Locked zip file after unzipping

May 13, 2011 at 2:27 PM

I'm using the latest build for this dll in a VS 2010 .Net 4.0 windows service project. The unzip function is below and it completes without error but, after it runs I have to shutdown the service to be able to delete the zip file or wait for it to process another zip file for it to delete the previous zip file. The delete doesn't happen directly from this function, it will be called later to keep disk space from getting used up. I've searched the fourm and saw the other threads like this going back some time and I even tried using the "using()" method with no improvement.

I've tried with a split zip file as well and the segment files delete without problem, its just the last file with .zip on the end that stays locked up.

        private void UnZip_File(string sZipFile, string sExtractPath)
        {
            ZipFile zip = null;

            try
            {
                zip = ZipFile.Read(sZipFile);

                if (bExiting)
                    return;

                zip.ExtractExistingFile = ExtractExistingFileAction.OverwriteSilently;
                zip.Password = @"<REMOVED for posting>

                if (!bSingleCPU)
                    zip.ParallelDeflateThreshold = -1;

                zip.FlattenFoldersOnExtract = true;
                zip.ExtractAll(sExtractPath);
            }
            catch (Exception ex)
            {
                Report_Error(sZipFile);
                Exception_Handler("UnZip_File", ex, bUseExceptionReport);
            }
            finally
            {
                if (zip != null)
                    zip.Dispose();

                zip = null;
            }
        }

I know there isn't much work going into this by looking at the last build date but any help would be appreciated. I really dont want to start looking for another zip componenet, I really like this one. Im using it in another project without problems but that one is only zipping the files and not extracting them.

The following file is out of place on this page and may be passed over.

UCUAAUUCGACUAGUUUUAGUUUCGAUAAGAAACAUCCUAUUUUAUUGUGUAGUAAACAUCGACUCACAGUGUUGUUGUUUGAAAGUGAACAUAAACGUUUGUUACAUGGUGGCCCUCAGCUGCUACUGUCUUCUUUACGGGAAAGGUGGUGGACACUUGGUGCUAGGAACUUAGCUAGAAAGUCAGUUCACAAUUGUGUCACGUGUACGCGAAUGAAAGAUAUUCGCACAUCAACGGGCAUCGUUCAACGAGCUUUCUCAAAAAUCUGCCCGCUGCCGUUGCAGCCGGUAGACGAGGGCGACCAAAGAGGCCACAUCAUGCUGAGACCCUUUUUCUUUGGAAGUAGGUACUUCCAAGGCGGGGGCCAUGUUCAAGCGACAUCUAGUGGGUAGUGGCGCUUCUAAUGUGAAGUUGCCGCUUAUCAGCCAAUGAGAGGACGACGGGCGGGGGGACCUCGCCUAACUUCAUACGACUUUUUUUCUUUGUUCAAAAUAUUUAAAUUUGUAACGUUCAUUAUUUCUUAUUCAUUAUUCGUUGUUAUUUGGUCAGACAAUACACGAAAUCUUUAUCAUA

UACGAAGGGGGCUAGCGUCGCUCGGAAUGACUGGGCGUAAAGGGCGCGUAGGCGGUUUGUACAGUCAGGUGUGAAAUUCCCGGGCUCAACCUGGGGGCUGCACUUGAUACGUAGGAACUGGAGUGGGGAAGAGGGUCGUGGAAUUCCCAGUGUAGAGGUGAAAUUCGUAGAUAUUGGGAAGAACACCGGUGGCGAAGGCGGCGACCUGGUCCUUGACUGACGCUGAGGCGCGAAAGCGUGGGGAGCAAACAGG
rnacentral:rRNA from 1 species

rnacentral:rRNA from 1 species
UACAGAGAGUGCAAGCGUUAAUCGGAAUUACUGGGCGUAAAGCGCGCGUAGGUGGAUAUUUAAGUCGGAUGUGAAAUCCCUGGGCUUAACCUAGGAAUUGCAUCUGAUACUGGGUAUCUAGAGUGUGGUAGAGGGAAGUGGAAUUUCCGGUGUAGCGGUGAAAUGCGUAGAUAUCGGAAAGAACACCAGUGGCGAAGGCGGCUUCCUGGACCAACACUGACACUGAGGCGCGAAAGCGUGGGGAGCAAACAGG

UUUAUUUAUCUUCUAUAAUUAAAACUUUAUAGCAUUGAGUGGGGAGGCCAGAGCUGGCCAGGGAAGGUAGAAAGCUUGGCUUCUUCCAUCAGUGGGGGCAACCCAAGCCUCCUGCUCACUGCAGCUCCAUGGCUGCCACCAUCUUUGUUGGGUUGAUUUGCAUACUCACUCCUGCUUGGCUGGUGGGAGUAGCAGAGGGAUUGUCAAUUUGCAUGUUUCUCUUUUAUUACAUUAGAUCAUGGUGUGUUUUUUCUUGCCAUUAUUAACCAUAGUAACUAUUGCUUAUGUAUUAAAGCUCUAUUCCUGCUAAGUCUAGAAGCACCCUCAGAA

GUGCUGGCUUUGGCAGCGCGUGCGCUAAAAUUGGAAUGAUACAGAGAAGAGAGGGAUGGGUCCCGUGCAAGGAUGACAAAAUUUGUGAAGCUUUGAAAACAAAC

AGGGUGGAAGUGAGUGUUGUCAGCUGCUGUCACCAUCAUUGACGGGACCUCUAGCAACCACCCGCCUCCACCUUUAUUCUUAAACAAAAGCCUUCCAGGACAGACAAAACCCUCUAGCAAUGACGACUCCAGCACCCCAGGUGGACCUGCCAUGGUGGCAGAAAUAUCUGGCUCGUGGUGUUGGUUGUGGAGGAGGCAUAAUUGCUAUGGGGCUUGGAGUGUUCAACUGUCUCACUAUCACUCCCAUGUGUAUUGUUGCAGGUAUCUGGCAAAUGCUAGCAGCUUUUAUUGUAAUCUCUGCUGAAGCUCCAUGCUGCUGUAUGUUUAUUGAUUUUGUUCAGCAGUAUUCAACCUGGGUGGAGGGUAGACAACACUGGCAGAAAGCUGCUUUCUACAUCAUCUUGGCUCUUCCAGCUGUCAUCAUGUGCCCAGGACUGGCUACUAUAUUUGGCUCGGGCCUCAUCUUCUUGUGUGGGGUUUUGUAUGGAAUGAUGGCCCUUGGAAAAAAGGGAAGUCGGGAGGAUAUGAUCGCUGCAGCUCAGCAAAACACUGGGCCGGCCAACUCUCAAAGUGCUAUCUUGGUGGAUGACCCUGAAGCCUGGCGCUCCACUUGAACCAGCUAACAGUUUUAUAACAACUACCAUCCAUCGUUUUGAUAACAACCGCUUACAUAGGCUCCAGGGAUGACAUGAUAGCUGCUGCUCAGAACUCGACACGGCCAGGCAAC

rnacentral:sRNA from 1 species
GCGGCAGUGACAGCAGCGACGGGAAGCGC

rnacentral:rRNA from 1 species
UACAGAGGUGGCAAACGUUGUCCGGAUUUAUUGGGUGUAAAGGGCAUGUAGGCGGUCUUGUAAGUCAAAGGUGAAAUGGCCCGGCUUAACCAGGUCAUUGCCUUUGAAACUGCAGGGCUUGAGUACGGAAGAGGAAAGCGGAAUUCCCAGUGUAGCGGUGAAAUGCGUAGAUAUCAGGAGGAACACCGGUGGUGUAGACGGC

Coordinator
May 19, 2011 at 7:12 PM

Well there isn't much new development on DotNetZIp, but i haven't gotten tons of high-value requests for new features either. So... basically it works pretty well, which is why it hasn't been changed in a while.

As regards your particular problem, it seems like the file is being held by someone or something.  It's puzzling to me that it would be the code you've shown here.  here's why: I have a test suite with about 300 test cases, many of them deal with the issue of open file streams, and being able to delete the files. In fact, before any test case can be declared successful, the zipfiles get deleted, whether the test case was for reading or writing zip files. So this is an area that has been exercises many many many times, in many many different scenarios.

could it be that there is some other code in your service, somewhere else that is opening the file and keeping it open? When extracting, DotNetZip opens the file with a sharemode that allows reading by other apps.  So it's possible that some other code has opened the file, and then DotNetZip opens, reads, and extracts. When you call zip.Dispose, that leaves still the other filestream open, somewhere. Is this possible?

I'm just trying to imagine the failure scenario.

About the using() clause - it sounds like you are aware, but using() is equivalent to the try..catch..finally you have in place. Employing a using clause won't change things for you, since you already have a finally clause where you call Dispose().

Also, processing "another zip file" with DotNetZip will not magically close the stream for the first one.  DotNetZip doesn't keep state around, about which files were opened or not. This state is kept only by application code, in the form of object references.  Is it possible that you have a stream opened somewhere, and when your service processes "another zip file" it drops the old stream variable, wipes it out and puts a new one in the same variable?

If this were my problem, I would grab the sysinternals tools - and run the listofds tool (something like that) that lists the open file descriptors on a machine. It may give you some insight into who or what is opening the file, how many times, when, and so on. 

These are the things I would look for.